A Fellow in the American College of Employee Benefits Council, the immediate past Chair and current Welfare Benefit Committee Co-Chair of the American Bar Association (ABA) RPTE Employee Benefits & Other Compensation Committee, a Council Representative on the ABA Joint Committee on Employee Benefits, the Vice Chair of the ABA TIPS Employee Benefits Committee, the Gulf States Area TEGE Council Exempt Organizations Coordinator, past-Government Affairs Committee Legislative Chair for the Dallas Human Resources Management Association, past Chair of the ABA Health Law Section Managed Care & Insurance Interest Group, and the editor and publisher of Solutions Law Press HR & Benefits Update and other Solutions Law Press Publications, Ms. Stamer also is a widely published author and highly regarded speaker on these and other employee benefit and human resources matters who is active in many other employee benefits, human resources and other management focused organizations who is published and speaks extensively on worker classification and related matters.   She is recognized for her publications, industry leadership, workshops and presentations on these and other human resources concerns and regularly speaks and conducts training on these matters. Her insights on these and other matters appear in the Bureau of National Affairs, Spencer Publications, the Wall Street Journal, the Dallas Business Journal, the Houston Business Journal, and many other national and local publications.

You can learn more about Ms. Stamer and her experience, find out about upcoming training or other events, review some of her past training, speaking, publications and other resources, and register to receive future updates about developments on these and other concerns from Ms. Stamer at www.CynthiaStamer.com.

About Solutions Law Press

Solutions Law Press™ provides business risk management, legal compliance, management effectiveness and other resources, training and education on human resources, employee benefits, compensation, data security and privacy, health care, insurance, and other key compliance, risk management, internal controls and other key operational concerns. If you find this of interest, you also be interested reviewing some of our other Solutions Law Press resources available at www.solutionslawpress.com including:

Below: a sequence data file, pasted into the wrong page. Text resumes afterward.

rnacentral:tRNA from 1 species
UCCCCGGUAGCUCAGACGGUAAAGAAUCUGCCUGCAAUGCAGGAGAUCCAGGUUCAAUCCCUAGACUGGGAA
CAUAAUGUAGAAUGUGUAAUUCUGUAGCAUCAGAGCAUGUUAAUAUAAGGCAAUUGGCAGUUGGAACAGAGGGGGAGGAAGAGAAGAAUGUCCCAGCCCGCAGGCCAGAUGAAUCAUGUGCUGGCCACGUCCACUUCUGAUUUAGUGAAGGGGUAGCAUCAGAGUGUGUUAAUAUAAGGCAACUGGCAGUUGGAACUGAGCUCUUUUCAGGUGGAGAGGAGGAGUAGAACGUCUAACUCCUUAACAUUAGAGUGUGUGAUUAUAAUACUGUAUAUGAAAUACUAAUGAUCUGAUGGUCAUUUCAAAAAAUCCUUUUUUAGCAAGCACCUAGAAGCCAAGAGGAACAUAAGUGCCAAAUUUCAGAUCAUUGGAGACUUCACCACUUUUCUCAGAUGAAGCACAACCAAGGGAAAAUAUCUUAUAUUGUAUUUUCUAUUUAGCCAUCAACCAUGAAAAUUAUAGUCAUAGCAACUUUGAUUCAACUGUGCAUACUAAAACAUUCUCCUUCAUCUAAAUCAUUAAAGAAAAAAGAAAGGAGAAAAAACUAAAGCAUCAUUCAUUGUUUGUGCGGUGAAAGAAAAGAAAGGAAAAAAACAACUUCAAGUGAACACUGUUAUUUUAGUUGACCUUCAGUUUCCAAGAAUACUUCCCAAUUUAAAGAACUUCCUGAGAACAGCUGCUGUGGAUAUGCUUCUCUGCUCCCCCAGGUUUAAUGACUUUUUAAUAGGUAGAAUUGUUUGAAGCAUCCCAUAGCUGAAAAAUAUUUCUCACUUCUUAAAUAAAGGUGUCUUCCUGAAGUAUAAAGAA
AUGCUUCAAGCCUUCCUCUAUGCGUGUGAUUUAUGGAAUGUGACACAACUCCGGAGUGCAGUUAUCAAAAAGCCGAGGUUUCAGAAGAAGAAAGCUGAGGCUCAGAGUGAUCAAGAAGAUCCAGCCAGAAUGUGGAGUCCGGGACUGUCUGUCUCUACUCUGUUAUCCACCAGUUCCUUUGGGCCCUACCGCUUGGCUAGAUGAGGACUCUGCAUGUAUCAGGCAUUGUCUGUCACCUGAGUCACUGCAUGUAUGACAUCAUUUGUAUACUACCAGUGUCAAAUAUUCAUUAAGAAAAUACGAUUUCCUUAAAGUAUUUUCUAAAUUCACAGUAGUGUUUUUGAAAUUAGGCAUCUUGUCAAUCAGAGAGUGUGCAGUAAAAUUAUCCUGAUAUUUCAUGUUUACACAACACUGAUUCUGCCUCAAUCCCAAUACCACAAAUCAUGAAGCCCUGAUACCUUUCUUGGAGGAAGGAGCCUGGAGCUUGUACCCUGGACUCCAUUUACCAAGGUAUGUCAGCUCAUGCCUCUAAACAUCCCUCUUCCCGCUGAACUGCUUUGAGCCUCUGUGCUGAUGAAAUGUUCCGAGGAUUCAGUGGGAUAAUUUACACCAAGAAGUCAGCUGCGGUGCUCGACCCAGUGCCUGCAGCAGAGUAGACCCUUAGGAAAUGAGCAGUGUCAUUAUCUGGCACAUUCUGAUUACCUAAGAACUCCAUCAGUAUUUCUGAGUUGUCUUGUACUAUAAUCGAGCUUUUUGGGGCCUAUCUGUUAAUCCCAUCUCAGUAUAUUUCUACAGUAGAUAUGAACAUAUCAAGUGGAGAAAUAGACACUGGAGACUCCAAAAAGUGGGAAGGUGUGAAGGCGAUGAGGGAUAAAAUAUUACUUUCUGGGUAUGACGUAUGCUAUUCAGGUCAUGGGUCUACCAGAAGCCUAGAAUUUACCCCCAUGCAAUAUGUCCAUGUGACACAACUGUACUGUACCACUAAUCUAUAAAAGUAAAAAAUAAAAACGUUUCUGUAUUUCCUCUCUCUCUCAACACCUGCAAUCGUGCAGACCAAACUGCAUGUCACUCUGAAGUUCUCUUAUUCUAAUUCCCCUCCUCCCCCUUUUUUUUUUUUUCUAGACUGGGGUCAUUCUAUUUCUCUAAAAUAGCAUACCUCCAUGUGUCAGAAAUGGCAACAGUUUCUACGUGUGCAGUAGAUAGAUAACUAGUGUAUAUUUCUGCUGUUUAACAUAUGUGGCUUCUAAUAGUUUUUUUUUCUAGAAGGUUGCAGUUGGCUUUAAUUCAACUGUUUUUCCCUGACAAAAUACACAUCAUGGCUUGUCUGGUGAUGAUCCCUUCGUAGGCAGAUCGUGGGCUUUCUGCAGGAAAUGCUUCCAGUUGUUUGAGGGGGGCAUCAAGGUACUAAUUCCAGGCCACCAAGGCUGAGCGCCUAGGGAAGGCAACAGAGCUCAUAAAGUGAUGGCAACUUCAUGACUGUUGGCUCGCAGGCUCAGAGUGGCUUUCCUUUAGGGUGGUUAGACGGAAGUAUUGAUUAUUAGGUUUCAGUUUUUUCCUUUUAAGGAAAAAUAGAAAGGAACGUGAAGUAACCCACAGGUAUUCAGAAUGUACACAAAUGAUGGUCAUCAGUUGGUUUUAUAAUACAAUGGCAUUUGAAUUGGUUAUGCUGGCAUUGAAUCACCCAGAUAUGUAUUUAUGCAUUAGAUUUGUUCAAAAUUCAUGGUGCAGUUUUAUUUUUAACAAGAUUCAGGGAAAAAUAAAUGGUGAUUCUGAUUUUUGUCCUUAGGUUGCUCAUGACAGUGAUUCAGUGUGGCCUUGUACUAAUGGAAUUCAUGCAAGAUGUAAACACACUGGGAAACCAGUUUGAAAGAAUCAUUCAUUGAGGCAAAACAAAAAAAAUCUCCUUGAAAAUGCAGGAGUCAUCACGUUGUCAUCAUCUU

For important information about this communication click here THE FOLLOWING DISCLAIMER IS INCLUDED TO COMPLY WITH AND IN RESPONSE TO U.S. TREASURY DEPARTMENT CIRCULAR 230 REGULATIONS.  ANY STATEMENTS CONTAINED HEREIN ARE NOT INTENDED OR WRITTEN BY THE WRITER TO BE USED, AND NOTHING CONTAINED HEREIN CAN BE USED BY YOU OR ANY OTHER PERSON, FOR THE PURPOSE OF (1) AVOIDING PENALTIES THAT MAY BE IMPOSED UNDER FEDERAL TAX LAW, OR (2) PROMOTING, MARKETING OR RECOMMENDING TO ANOTHER PARTY ANY TAX-RELATED TRANSACTION OR MATTER ADDRESSED HEREIN.

©2013 Cynthia Marcotte Stamer, P.C.  Non-exclusive license to republish granted to Solutions Law Press.  All other rights reserved.


Peter Madoff 10 Sentence For Defrauding ERISA Plans Reminder Manage Plan Investment Responsibilities

December 27, 2012

Peter Madoff (Madoff), the former Chief Compliance Officer and Senior Managing Director of Bernard L. Madoff Investment Securities LLC (BLMI), was sentenced on December 20, 2012 to 10 years in prison after he pled guilty among other things, to conspiracy to commit securities fraud, tax fraud, mail fraud, ERISA fraud and falsifying records of an investment adviser.

In addition to the prison term, Madoff also was sentenced to one year of supervised release, ordered to pay a $200 special assessment, and ordered to forfeit $143.1 billion, including all of his real and personal property. This amount represents all of the investor funds paid into BLMIS from 1996 – the start of Madoff’s involvement in the conspiracy – through December 2008.

As part of the defendant’s forfeiture, the Government previously entered into a settlement with Madoff’s family that requires the forfeiture of all of his wife Marion’s and daughter Shana’s assets, and assets belonging to other family members. The surrendered assets include, among other things, several homes, a Ferrari and more than $10 million in cash and securities. Marion Madoff was left with approximately $771,733 to live on for the rest of her life.

Madoff’s Sentence Part of Continuing Actions Seeking To Rectify BLMIS Fraud

Among other things, the Superseding Information against Madoff charged that the overt acts in the conspiracy count also included, among other things, making false statements to investors about BLMIS’s compliance program and the nature and scope of its Investment Advisory business. Madoff pled guilty in June 2012. He was sentenced in Manhattan federal court by U.S. District Judge Laura Taylor Swain.

Manhattan U.S. Attorney Preet Bharara said: “Peter Madoff was a gatekeeper, who was supposed to guard against fraud, but instead enabled it – facilitating his brother Bernie’s breathtaking scheme by falsifying compliance records and lying to both regulators and clients of BLMIS. The decade he will spend in prison and the disgorgement of his assets are a just result. Our efforts to hold to account anyone and everyone who played a role in this unprecedented Ponzi scheme continue.”

According to the Superseding Information to which Madoff pled guilty and other court filings:

  • Madoff was employed at BLMIS from 1965 through December 2008. Beginning in 1969, he became the Chief Compliance Officer (“CCO”) and Senior Managing Director of BLMIS. In his role as CCO, Madoff created false and misleading BLMIS compliance documents, as well as false reports that were filed with the U.S. Securities and Exchange Commission (“SEC”) that materially misstated the nature and scope of BLMIS’s Investment Advisory (“IA”) business.
  • As CCO, Madoff created numerous false compliance documents in which he stated that he had performed compliance reviews of the trading in the BLMIS IA business on a regular basis, when in reality, the reviews were never performed. The false statements were designed to mislead regulators, auditors, and IA clients.